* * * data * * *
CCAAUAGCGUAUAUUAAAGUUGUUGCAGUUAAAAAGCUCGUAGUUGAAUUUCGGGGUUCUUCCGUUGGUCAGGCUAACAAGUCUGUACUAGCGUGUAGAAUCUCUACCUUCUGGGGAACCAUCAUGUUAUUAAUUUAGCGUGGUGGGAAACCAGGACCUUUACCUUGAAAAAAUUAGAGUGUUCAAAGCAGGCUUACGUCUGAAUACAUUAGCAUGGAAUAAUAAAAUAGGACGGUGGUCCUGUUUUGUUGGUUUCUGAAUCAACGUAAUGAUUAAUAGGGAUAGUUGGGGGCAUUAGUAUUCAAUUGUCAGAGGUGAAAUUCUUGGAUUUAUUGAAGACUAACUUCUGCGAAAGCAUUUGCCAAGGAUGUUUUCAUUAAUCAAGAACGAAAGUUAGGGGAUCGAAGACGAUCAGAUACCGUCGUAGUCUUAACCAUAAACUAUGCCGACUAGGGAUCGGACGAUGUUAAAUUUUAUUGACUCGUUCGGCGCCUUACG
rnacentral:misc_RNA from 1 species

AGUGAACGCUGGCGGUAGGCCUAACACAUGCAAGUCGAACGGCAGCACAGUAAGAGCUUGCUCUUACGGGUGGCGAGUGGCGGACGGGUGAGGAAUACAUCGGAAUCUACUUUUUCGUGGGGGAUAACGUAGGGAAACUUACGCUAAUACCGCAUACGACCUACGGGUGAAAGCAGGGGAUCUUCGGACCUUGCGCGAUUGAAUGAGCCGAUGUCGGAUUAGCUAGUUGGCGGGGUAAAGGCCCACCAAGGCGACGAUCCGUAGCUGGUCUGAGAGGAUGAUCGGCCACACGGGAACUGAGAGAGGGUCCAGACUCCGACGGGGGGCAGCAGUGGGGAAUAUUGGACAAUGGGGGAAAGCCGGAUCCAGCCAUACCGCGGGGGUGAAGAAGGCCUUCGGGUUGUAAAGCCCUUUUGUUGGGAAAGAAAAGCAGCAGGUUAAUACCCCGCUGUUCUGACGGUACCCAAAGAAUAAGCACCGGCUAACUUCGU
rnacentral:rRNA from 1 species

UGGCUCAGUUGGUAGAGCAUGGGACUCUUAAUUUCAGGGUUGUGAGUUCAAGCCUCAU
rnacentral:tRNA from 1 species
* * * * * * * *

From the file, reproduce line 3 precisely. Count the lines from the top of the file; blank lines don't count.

AGUGAACGCUGGCGGUAGGCCUAACACAUGCAAGUCGAACGGCAGCACAGUAAGAGCUUGCUCUUACGGGUGGCGAGUGGCGGACGGGUGAGGAAUACAUCGGAAUCUACUUUUUCGUGGGGGAUAACGUAGGGAAACUUACGCUAAUACCGCAUACGACCUACGGGUGAAAGCAGGGGAUCUUCGGACCUUGCGCGAUUGAAUGAGCCGAUGUCGGAUUAGCUAGUUGGCGGGGUAAAGGCCCACCAAGGCGACGAUCCGUAGCUGGUCUGAGAGGAUGAUCGGCCACACGGGAACUGAGAGAGGGUCCAGACUCCGACGGGGGGCAGCAGUGGGGAAUAUUGGACAAUGGGGGAAAGCCGGAUCCAGCCAUACCGCGGGGGUGAAGAAGGCCUUCGGGUUGUAAAGCCCUUUUGUUGGGAAAGAAAAGCAGCAGGUUAAUACCCCGCUGUUCUGACGGUACCCAAAGAAUAAGCACCGGCUAACUUCGU